Ever since I posted about a guy bothering me on the train a couple of weeks ago, I have been patiently waiting for my chance to yell at the next guy who bothered me. My chance came yesterday afternoon on my way home from the gym.
The guy who bothered me looked the part – he was wearing a tacky leather jacket, cheap sunglasses, and was about two inches shorter than me. As he walked toward me, he stepped into my path, said, “Hot hot hot!” and then did a thing with his tongue that I think you can only learn at a special school for harassing women on the street.
Unfortunately for this guy, I was ready this time. It took me a couple of seconds to process everything (yes, he was being inappropriate, yes I would indeed do something about it), then I turned around and yelled “HEY!” and walked back up to him and got in his face. “YOU DO NOT DO THAT TO WOMEN. ARE YOU A FUCKING IDIOT?”
Somewhere between HEY and YOU the guy’s entire body language and expression changed. He actually put up his hands and started slowly walking backwards. Somewhere between FUCKING and IDIOT he turned around and ran.
It was about the most awesome thing ever. It felt great to raise my voice, which I realized was something I simply never do as soon as I did it. It also felt great to utterly shatter this guy’s confidence, at least in relation to doing weird tongue things to women in the street.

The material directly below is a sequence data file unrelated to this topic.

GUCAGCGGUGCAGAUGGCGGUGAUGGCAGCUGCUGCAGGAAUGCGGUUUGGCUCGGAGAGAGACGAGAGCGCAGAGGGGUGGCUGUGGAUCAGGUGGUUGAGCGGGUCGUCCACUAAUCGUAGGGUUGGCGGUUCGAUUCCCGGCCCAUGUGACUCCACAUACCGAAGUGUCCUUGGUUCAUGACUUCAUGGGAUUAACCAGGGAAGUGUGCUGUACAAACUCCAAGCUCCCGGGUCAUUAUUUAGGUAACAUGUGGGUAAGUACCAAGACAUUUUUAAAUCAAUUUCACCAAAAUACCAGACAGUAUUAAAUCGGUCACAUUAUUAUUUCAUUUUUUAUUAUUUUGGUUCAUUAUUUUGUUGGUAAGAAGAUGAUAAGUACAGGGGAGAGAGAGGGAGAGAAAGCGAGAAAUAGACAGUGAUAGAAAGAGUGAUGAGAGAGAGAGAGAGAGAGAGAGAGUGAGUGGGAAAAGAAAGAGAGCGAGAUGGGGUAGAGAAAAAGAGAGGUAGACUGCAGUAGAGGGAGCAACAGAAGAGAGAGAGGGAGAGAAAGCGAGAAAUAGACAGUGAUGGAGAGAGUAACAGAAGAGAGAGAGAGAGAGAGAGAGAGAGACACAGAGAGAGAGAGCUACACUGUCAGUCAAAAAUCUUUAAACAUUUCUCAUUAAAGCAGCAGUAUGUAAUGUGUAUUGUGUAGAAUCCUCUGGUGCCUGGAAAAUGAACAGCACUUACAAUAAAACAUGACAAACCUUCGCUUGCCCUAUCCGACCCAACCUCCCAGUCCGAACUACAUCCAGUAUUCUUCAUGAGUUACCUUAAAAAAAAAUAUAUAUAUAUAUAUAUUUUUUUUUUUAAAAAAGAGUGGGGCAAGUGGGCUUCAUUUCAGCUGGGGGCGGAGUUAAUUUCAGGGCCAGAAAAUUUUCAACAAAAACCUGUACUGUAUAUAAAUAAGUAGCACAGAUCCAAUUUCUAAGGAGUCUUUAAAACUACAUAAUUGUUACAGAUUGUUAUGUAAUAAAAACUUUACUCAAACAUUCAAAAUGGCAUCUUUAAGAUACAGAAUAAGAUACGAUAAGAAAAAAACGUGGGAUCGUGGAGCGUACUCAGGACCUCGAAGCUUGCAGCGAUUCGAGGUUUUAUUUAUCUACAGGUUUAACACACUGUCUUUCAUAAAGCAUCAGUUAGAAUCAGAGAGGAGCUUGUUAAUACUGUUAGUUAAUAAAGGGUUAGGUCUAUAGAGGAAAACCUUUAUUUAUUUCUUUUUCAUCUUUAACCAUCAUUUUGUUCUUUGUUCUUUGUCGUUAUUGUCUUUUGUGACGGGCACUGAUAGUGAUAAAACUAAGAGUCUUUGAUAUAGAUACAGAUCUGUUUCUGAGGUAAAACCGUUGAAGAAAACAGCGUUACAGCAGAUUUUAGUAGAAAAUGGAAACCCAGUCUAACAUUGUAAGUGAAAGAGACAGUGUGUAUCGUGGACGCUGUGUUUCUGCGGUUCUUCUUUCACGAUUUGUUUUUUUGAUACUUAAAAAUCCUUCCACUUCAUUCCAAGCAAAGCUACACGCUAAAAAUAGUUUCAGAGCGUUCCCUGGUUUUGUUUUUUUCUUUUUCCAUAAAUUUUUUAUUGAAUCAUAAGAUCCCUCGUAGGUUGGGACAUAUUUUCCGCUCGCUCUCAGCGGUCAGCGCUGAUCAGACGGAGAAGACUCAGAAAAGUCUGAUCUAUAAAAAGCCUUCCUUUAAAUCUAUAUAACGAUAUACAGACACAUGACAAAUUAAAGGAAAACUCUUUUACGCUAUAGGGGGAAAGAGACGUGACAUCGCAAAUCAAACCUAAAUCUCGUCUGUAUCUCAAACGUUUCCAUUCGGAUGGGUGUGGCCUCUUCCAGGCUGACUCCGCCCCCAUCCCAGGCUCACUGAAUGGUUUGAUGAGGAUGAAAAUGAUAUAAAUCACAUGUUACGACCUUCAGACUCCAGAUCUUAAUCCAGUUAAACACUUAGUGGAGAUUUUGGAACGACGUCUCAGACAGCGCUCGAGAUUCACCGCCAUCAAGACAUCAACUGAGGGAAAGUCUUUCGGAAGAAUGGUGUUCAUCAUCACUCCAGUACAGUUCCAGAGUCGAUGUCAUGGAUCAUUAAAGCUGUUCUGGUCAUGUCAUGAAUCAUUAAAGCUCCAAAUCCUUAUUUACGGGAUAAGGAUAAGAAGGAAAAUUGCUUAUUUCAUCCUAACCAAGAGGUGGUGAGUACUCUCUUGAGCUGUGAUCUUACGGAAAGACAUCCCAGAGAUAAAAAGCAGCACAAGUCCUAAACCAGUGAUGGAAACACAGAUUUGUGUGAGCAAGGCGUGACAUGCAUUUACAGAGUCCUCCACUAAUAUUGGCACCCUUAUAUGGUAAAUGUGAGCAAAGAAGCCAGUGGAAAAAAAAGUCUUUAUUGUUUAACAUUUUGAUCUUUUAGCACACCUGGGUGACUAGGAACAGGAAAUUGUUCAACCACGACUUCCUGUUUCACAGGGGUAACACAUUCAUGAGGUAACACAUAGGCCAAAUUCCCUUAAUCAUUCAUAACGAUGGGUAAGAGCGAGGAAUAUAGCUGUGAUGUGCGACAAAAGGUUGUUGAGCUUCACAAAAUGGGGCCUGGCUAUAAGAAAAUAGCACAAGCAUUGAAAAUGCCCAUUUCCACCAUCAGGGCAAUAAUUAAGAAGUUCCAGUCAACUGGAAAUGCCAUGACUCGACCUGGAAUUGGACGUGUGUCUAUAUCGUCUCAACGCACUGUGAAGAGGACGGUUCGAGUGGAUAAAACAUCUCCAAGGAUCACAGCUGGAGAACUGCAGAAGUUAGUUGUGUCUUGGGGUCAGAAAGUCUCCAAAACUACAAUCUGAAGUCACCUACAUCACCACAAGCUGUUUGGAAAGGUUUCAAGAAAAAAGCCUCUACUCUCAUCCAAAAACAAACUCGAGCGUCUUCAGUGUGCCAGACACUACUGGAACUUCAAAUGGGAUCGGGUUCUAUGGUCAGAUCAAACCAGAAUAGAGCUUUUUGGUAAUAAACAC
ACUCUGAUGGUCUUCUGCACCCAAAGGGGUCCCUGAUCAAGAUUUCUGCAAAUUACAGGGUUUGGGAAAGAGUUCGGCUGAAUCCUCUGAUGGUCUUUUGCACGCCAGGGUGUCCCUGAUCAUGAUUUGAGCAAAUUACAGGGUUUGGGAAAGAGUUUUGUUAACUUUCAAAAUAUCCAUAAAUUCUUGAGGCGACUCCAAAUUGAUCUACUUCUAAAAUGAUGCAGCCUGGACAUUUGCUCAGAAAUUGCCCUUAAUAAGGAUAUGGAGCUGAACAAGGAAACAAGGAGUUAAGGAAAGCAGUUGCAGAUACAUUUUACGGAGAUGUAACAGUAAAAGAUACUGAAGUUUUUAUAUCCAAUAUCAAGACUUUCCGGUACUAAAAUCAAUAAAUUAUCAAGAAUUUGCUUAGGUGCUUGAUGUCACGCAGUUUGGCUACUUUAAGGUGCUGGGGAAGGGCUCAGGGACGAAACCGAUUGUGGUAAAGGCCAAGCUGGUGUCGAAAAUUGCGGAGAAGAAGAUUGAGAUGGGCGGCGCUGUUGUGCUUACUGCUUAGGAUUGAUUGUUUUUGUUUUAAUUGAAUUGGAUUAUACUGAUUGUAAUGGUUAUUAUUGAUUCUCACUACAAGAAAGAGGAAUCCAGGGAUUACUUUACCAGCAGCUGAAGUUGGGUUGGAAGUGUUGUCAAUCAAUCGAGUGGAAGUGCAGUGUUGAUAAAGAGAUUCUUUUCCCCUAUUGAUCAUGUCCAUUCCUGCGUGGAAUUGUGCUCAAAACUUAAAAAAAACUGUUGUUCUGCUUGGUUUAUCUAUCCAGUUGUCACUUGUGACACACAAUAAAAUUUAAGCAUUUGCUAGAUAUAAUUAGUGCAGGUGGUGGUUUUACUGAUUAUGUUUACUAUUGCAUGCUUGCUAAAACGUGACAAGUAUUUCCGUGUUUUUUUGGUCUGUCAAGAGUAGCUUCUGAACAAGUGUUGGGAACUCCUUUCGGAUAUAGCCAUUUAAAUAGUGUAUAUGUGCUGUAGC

I wouldn’t do it in just any circumstances, though: in this case, I was on my very safe and familiar block, 100 yards from my apartment, in the middle of the day. And, as I mentioned, the guy was shorter than me. He also might not have spoken any English besides “Hot hot hot!” But even if that was the case, I think I stated my point in a way that crossed language barriers.
I also wonder if I’m not really just making things worse in the world – is harassing someone who is harassing you solving any problems? Or is it more like a messed up version of Pay It Forward, where every time someone is a jerk to you, you go out of your way to be a jerk to someone else? Should I have just gone all Ghandi on the guy and used more noble tactics than he did to prove my point? I’m not sure what that interaction would even look like, but it might involve fasting.
I think I am convinced, though, that not doing anything is the wrong thing to do. Just as I’ve been thinking a lot about how I am too passive at work, I think that I (and perhaps other women) would rather not cause a fuss than speak up about not being comfortable in more general situations.
Mostly, though, I wish I had said something wittier and more demeaning. Maybe next time.